World Stroke Day: Ending Stroke through Education and Awareness
Why is it that we realize we take life for granted only after it's almost lost? After my stroke in 2001, that's how I felt. When I finally got out of the hospital, suddenly I discovered the sky was more blue, food tasted better, and moments with my family, especially my son, were much sweeter. I think it's because we get so caught up in our day-to-day routines, whether its work or school. Getting our to-do lists done takes priority over enjoying the fact we are alive. I think that is the message I try to get across to people; enjoy life now and don't wait until you almost lose it. And if you are already living life to the fullest, wouldn't you want to prolong it for as long as you can?
That's why on World Stroke Day, I want to talk about how you can prevent a stroke. Stroke is the third leading cause of death and a leading cause of severe, long-term disability. Worldwide, stroke is second to ischemic heart disease as a cause of death. A stroke changes lives, whether it happens to you or to someone you love. But the good news is that stroke is preventable, because many of the risk factors for stroke are preventable. The important risk factors you can control or treat include smoking, high blood pressure, high blood cholesterol, diabetes, being overweight or obese, and physical inactivity.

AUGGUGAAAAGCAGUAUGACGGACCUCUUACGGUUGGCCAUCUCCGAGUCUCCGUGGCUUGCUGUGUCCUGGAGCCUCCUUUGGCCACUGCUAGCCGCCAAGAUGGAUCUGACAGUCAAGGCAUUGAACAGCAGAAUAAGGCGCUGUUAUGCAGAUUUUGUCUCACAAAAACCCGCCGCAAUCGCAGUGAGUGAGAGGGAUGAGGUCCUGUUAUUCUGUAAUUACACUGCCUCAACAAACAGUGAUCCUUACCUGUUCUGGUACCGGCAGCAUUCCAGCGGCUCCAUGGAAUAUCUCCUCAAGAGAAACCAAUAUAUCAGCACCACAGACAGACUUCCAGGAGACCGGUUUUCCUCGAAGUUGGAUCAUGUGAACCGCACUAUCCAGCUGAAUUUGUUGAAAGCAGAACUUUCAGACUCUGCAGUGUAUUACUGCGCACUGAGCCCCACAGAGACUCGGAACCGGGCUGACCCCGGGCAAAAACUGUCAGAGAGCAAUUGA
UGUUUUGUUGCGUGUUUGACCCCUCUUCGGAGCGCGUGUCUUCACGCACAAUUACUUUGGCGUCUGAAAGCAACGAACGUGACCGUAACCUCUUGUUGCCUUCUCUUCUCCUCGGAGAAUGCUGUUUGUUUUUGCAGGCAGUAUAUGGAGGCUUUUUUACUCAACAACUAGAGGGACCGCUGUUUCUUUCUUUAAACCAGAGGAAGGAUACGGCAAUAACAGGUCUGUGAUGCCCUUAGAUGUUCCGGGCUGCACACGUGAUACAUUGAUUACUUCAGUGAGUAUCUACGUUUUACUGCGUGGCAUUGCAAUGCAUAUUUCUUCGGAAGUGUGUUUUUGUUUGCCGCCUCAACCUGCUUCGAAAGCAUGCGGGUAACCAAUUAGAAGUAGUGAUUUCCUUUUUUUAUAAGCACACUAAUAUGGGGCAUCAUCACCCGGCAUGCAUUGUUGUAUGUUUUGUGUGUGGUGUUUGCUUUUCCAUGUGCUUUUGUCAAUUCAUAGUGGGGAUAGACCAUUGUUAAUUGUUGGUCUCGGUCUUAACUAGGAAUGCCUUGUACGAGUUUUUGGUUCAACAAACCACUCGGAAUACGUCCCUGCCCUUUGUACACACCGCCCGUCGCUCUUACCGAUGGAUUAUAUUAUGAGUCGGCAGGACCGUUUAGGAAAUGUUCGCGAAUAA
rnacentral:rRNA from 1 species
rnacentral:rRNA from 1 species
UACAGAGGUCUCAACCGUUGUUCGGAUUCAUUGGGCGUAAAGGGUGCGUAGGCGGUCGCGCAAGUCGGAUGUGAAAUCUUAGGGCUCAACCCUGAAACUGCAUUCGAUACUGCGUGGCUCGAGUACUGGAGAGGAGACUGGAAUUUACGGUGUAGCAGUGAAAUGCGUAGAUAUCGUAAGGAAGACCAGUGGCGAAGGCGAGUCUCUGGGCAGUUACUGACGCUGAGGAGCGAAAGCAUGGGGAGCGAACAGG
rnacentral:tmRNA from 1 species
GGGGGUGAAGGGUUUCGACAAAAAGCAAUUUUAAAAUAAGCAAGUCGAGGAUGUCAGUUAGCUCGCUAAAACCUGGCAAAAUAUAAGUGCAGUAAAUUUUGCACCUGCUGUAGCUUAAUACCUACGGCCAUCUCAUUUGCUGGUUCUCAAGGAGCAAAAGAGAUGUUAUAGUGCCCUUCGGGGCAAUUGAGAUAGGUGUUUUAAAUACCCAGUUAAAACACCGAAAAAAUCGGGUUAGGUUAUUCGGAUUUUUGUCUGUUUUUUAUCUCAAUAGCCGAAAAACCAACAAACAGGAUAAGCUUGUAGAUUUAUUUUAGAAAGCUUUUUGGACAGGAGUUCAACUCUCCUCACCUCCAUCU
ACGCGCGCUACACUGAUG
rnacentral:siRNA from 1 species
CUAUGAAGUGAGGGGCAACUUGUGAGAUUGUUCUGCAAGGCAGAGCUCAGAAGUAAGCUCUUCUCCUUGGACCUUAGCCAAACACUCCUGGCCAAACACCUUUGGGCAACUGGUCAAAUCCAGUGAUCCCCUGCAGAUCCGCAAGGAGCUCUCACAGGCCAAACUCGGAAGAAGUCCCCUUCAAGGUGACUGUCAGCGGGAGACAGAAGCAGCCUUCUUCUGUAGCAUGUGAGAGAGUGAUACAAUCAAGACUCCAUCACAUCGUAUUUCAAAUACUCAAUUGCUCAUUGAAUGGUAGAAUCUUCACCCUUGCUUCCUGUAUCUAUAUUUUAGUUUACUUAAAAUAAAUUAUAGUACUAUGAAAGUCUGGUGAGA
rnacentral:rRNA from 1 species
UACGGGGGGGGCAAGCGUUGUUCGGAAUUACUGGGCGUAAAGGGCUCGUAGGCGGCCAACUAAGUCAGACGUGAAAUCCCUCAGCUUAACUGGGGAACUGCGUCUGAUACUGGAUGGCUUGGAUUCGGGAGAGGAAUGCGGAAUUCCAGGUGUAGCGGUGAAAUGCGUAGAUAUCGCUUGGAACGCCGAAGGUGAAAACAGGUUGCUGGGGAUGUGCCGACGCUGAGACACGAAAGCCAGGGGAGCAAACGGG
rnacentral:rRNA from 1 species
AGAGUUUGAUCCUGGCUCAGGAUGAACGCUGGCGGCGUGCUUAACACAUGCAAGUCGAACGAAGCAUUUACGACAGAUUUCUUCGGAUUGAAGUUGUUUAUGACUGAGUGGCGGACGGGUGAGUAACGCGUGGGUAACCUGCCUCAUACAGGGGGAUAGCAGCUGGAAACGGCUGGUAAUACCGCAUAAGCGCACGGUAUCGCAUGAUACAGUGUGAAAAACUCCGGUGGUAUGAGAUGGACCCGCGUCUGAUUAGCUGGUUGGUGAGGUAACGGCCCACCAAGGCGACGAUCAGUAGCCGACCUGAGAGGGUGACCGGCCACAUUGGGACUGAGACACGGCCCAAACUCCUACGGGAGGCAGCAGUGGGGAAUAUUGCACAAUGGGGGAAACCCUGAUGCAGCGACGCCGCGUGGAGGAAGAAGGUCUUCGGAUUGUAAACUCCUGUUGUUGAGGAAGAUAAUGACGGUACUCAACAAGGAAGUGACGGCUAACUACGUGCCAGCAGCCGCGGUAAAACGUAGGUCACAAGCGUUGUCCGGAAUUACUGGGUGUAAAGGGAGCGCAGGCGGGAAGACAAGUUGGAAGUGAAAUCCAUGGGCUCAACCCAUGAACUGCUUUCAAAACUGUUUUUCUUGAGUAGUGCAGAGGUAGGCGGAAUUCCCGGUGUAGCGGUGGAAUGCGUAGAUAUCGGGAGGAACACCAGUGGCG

However, the American Heart Association and the American Stroke Association have joined together with other organizations around the world to send a message about the most common of those risk factors; high blood pressure. And what's amazing to me is that high blood pressure affects about 72 million people in the United States, of which 70% don't have it under control. Strokes caused by high blood pressure can affect men and women equally. However, those at the highest risk are people with ancestry from Latin America, Africa or Asia. There are many programs out there to help people get their blood pressure under control, either through the American Heart Association or your own doctor. The important thing is to get it under control now in order to prevent problems later.
Even if you have addressed all your risk factors, a stroke can still happen. I know all too well. I didn't have any risk factors, but doctors still found a blood clot behind my left ear. What saved my life was acting quickly. I went to the hospital right after I had my first symptom. Those symptoms include sudden numbness or weakness of the face, arm or leg, sudden confusion and difficulty speaking, sudden trouble seeing, sudden trouble walking or loss of balance or sudden severe headache.
So on this World Stroke Day, I hope to raise more awareness about stroke, it's effects and how we all have the power to end it!